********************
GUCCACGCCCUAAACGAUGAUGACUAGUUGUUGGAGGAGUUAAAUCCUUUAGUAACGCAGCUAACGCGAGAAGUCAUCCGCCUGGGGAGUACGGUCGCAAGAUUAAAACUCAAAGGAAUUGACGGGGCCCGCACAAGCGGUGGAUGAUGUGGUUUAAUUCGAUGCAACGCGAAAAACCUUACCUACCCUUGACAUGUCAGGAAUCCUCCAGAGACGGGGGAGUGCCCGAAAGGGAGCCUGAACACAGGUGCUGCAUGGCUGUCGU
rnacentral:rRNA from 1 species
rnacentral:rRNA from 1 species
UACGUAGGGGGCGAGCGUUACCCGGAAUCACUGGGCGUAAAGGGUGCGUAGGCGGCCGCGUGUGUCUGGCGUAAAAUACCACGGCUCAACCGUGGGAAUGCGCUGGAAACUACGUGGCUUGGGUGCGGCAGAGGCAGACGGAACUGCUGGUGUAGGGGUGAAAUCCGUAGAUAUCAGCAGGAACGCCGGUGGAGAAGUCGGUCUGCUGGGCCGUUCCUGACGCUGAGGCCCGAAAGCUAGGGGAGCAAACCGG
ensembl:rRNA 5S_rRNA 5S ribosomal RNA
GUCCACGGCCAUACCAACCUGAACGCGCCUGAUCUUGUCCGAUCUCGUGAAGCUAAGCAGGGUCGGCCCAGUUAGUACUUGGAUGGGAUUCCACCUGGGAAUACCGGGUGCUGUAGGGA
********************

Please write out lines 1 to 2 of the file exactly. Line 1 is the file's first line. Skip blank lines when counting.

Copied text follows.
GUCCACGCCCUAAACGAUGAUGACUAGUUGUUGGAGGAGUUAAAUCCUUUAGUAACGCAGCUAACGCGAGAAGUCAUCCGCCUGGGGAGUACGGUCGCAAGAUUAAAACUCAAAGGAAUUGACGGGGCCCGCACAAGCGGUGGAUGAUGUGGUUUAAUUCGAUGCAACGCGAAAAACCUUACCUACCCUUGACAUGUCAGGAAUCCUCCAGAGACGGGGGAGUGCCCGAAAGGGAGCCUGAACACAGGUGCUGCAUGGCUGUCGU
rnacentral:rRNA from 1 species